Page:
The converse of that…at the end of Priscilla’s fashion show, members of the staff quietly circulated among the buyers as they were writing orders and said, “Mrs. Kidder would like you to stay for lunch.”

 And I, this dumb kid from the Midwest, age “under 30,” got one of those whispered invitations!

 Lunch was actually a LUNCHEON…held in her back stage dining room with her personal chef from Boston preparing the food. We sat at a table complete with linens, china and silver flatware. The water glasses weren’t Waterford…but they weren’t plastic.

Of course there were fresh flowers on the table.

 Members of the Kidder family, John, Priscilla and their son, Robert, (with whom I am still friends) were in attendance, along with just a handful of the chosen ones.

 I will never forget her graciousness or their authentic hospitality.

 Likewise, when Priscilla was the first designer to be inducted into the Fashion and Textile Hall of Fame, she invited me to sit with her family at the black-tie dinner at the Waldorf-Astoria held in her honor.

 She was also known however to “never suffer fools” and if you were wrong, she made no excuses for telling you such. I recall a time when I admired a blush silk Shantung gown trimmed in white lace. I asked (in front of a room full of other buyers) “What color of gloves would you put with that gown?”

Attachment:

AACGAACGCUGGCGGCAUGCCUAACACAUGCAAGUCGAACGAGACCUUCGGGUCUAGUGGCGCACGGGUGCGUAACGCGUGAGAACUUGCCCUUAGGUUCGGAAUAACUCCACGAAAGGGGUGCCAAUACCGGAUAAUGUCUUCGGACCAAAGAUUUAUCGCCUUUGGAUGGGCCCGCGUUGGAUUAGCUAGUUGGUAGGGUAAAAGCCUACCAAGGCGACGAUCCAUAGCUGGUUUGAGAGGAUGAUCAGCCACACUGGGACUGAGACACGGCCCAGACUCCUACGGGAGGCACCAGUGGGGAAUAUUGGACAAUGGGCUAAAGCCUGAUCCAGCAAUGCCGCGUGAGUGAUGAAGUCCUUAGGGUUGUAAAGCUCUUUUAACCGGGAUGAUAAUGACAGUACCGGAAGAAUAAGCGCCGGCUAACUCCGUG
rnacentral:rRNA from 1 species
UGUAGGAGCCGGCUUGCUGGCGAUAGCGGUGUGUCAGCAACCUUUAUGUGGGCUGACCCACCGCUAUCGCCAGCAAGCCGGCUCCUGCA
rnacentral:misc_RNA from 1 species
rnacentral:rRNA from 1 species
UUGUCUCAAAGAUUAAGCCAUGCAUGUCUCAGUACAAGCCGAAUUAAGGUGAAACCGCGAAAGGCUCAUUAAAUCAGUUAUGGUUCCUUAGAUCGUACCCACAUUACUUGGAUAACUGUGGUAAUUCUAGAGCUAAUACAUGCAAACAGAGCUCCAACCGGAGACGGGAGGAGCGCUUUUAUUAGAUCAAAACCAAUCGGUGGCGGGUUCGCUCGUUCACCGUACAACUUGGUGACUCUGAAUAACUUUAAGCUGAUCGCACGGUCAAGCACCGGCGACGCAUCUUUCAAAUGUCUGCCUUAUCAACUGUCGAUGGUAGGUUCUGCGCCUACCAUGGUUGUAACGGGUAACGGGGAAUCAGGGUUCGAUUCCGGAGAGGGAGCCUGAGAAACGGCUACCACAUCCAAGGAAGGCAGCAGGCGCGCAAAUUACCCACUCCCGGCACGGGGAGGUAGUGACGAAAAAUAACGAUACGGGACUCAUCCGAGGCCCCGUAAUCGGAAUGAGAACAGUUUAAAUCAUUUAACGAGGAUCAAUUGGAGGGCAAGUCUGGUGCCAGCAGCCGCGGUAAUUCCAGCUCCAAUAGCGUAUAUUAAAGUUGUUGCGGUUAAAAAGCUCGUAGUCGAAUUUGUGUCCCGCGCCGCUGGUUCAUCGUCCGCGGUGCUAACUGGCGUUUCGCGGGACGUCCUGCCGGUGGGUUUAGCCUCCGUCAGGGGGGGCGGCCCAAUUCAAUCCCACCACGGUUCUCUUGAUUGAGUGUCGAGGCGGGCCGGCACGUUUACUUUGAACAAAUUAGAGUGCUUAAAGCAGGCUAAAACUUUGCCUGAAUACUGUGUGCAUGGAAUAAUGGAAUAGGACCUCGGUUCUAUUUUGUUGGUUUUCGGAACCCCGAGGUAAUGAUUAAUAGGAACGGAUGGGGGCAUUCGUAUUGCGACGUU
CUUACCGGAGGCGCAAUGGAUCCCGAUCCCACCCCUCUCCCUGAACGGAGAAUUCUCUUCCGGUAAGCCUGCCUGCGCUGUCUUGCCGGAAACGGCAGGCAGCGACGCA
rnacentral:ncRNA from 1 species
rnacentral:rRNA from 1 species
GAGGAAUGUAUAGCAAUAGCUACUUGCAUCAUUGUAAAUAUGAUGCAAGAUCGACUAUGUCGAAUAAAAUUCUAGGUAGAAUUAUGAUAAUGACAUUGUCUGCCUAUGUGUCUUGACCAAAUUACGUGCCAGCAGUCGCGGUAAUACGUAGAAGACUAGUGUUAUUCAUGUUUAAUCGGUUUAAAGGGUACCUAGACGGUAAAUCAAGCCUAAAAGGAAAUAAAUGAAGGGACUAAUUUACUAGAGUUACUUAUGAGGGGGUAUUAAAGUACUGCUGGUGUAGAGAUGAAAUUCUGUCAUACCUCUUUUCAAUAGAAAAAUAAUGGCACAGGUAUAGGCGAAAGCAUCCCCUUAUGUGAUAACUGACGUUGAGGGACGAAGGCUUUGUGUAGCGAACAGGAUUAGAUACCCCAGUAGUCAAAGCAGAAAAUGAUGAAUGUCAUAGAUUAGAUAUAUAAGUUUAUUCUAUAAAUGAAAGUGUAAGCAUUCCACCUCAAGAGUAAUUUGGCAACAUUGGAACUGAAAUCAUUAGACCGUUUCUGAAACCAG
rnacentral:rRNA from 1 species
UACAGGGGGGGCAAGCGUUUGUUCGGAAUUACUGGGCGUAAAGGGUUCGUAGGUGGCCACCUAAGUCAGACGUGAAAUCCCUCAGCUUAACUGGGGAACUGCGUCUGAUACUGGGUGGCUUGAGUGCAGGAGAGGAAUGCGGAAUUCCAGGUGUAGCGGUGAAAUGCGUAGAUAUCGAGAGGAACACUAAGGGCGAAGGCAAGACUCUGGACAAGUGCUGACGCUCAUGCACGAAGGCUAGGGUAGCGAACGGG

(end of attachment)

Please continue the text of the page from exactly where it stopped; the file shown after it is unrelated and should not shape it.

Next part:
Priscilla looked at me like I had grown two heads and replied, “There is no such thing as ‘color’ when it comes to gloves. A proper bride would only wear kid gloves and they come in only one shade. The shade of kid leather is the only one ever appropriate for a bride.”

 At that point, I wished the plush mauve carpeting of the showroom had been deep enough to suffocate me…but I have NEVER forgotten that rule! Every bride out of Nolte’s only wears “the color of kid leather,” when it comes to her gloves.